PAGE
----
Chile Ristras - A Southwest Tradition

Chile ristras have a long tradition as an integral part of Southwestern décor, but many people don’t realize that they also have a long tradition as part of Southwestern cuisine as well.

Ristra means “string” in Spanish, so a chile ristra is simply dried chiles strung together. Some chile ristras are treated with plastic or shellac to preserve their beautiful red color. These ristras are designed purely for decoration and are inedible. Others (like the dried Hatch Chile Ristras available from The Fresh Chile Company) are untreated and completely edible, but a lot of people wonder how to use this Southwestern cooking staple in the kitchen. How they’re used depends somewhat on what kind of chile the ristra is made from.

Smaller Hatch chile ristras are often made with Chile de árbol peppers—the small, long, skinny peppers. These chiles are spicy, smoky, and nutty in flavor. They’re popular to use in hot sauce and salsa -- and some folks like to use them to make their own chile powder or spice mixes. When using these dried peppers, the stems and seeds should be removed (latex gloves are a good idea to avoid burning the skin) and the chiles should be rinsed off. As with most dried chiles, you can increase the flavor a little by applying some heat before use by popping them in the oven (400 degrees) for a couple of minutes or flash roasting in a dry pan on the stove, but be careful not to burn them. After applying a bit of heat, soak them in hot water for 10-20 minutes to rehydrate them.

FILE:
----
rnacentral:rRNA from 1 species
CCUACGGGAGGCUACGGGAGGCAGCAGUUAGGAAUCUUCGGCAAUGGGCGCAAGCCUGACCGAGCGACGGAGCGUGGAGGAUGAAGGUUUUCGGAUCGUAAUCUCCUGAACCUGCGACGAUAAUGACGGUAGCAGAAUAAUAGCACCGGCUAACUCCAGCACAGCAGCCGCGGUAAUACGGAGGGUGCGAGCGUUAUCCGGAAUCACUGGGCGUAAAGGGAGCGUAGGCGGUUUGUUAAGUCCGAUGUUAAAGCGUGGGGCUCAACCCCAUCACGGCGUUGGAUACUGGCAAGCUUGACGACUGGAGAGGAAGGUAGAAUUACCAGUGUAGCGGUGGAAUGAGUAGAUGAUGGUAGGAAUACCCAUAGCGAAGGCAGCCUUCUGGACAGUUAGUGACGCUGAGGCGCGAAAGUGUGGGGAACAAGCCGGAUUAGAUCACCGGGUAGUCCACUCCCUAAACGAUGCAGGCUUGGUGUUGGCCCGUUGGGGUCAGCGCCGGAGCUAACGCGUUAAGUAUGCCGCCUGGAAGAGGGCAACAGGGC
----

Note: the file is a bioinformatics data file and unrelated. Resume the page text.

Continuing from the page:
The larger ristras are often made from Hatch red New Mexico chile pods. These aren’t as spicy as the Chile de árbol peppers, but they still bring the heat and are known for their flavor showcased in New Mexican cooking—especially if they’re from Hatch, NM. To prep for use in food, chop off the stem and remove the seeds from inside (don’t forget the latex gloves!) Next, rinse the pods, roast them in the oven or a pan for a couple of minutes (if desired), and then soak them in warm water for 30-60 minutes to rehydrate, which will make them perfect for many recipes.  While they are best known for making into red sauce, the rehydrated peppers can also be deliciously used in salsas, soups, or stews. Using them dried, you can even make your own chile powder.

Edibility was the original purpose of the bright and beautiful ristra. The chiles were carefully dried in the sun (often on the flat roofs of adobe homes), then tied together and kept in the home as a way to enjoy the incomparable flavor of chile all year round. Even if eating them doesn’t appeal, a ristra is a beautiful decoration in your home that symbolizes hospitality and warmly welcomes all who enter.

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Laura Glenn Combs is a customer service representative for The Fresh Chile Company. She has enjoyed studying Nutrition and Health Sciences both academically and personally over the past 20 years. She and her husband have loved life (and Hatch Chile!) in New Mexico for the past 18 years, and deeply appreciate having the opportunity to raise a family in the Land of Enchantment.